• Your baby may begin to sleep through the night (10-12 hours) at this stage; however, maintaining one to two night feeds can help with extended breastfeeding and promote later morning wake times.
  • Use light and dark to clearly differentiate between the wake and sleep environments.

How To Get Your Newborn Baby To Sleep

Since the sleep system is immature in the early months with your baby, treat the newborn period as “practice” and try to let go of any expectations of set sleep schedules or sleep locations. Watch your baby’s wake window (45-60 minutes in the first two months; 75-90 minutes in months 3 and 4) and monitor sleepy signs. It’s ok if your baby struggles to sleep in an independent space at this time (crib, bassinet etc). Choose one or two naps each day that you can practise in their eventual sleep space – this may mean gently transferring them onto the sleep surface while they are drowsy or after they are fully asleep. Waking up in the location will help to prompt some familiarity down the road.

When the sleep system matures around 4 months of age, babies are learning what it feels like to fall asleep in a brand new way. They seek comfort and security in their sleep space to know that they can transition into sleep safely. They cycle through light sleep and eep sleep differently than they used to. An abrupt change in sleeping location (transferring from your arms to a bassinet, for example, while asleep) can elicit a sense of alarm when your baby resurfaces to the lighter stages of sleep and becomes more aware of their surroundings. Gradually help your baby learn how to fall asleep in the location that they will later wake – practice soothing them on the sleep surface. Remember that this is a period of learning and this skill takes time to develop.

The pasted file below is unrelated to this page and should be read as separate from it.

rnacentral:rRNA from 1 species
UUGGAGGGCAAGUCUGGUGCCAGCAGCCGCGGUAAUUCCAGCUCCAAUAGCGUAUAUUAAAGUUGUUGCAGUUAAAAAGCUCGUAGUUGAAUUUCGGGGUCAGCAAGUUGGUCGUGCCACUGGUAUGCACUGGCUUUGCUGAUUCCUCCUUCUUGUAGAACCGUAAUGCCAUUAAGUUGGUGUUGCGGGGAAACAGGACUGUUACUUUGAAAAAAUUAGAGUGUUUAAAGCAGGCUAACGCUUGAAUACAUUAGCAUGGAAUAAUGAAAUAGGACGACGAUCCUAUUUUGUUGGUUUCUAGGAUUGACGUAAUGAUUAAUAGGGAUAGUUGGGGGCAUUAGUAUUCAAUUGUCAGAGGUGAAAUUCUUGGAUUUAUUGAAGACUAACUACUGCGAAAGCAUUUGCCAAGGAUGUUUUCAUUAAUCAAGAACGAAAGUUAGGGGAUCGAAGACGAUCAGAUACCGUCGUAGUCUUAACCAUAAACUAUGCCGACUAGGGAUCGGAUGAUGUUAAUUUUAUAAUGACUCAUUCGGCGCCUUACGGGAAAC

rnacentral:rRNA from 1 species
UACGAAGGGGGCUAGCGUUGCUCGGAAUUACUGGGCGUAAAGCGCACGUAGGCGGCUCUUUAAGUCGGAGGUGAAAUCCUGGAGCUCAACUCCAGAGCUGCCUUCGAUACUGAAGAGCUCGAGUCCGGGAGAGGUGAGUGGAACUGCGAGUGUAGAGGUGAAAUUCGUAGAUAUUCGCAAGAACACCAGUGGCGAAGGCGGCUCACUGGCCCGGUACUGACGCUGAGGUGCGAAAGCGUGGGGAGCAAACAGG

For every stage:

  • Make sure the sleep environment is sleep-promoting (dark, quiet, cool, safe)
  • Wake windows are age-appropriate (we all know what happens when that balloon bursts)
  • Use a comforting and predictable pre-sleep bedtime routine to cue the transition
  • Each day is approached with a consistent rhythm and eventually predictable schedule

Signs Your Baby Is Ready To Sleep

Age-appropriate wake windows are an excellent way to gauge the timing of your baby’s naps and bedtime and each stage of development. However, it’s important to recognize that every baby’s needs are unique and they may vary slightly from the recommendations listed above and your baby’s sleep schedule may not be the same as another baby’s sleep schedule. Additionally, a highly stimulating activity may lead to your baby becoming tired sooner than expected (think of how you feel after a day full of activity). As a result, it’s helpful to keep an eye out for tired signs and adjust sleep times as needed.

Here are the most common baby sleepy signs:

  • Yawning
  • Redness or glossiness in the eyes
  • Rubbing the eyes
  • Staring off into the distance
  • Irritability/fussiness

Sleep Safety Check

Safe sleep should always be at the top of your baby sleep priority list. Here’s a quick reference list to ensure safety in your baby’s sleep environment.

  • Ensure the sleep surface is firm. Avoid sleeping on soft couches or bedding material (pillows, sheepskins, or comforters).
  • Remove all clutter from the sleep surface. This includes loose blankets, pillows, and stuffed toys.
  • Keep the room cool and dress baby appropriately to avoid overheating
  • Avoid any gaps in the surface (e.g., between the wall and the mattress) and secure all strings/cords completely out of reach
  • Place baby to sleep in the supine position (on the back)
  • If bedsharing, avoid use of sedatives, drugs, or alcohol, tie back long hair, and do not co-sleep with caregivers or siblings that cannot be easily aroused from sleep
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If you need any support in setting up a healthy sleep foundation for you and your baby, navigating a challenging spot in your baby’s sleep, or assistance with your baby’s sleep schedule, book a Virtual Consultation with Oona’s Pediatric Sleep Specialist today.

Baby sleep solutions | baby sleep help

Baby Sleep Solutions

Sleep is a fundamental component of growth and development.

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We All Need Sleep

Sleep is a family affair. Our sleep expert can help your baby - and your entire family - get their best sleep.

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Dr. Denise Gassner (she/her)Infant and Child Sleep Expert

Denise (she/her) has applied her decades of research and teaching expertise on behaviour into cracking the mystery that is baby sleep. She has a PhD in Anthropology and Biology from the University of Victoria, and turned her attention to sleep after having her own two little humans. She became fascinated (and frankly, perplexed) by how...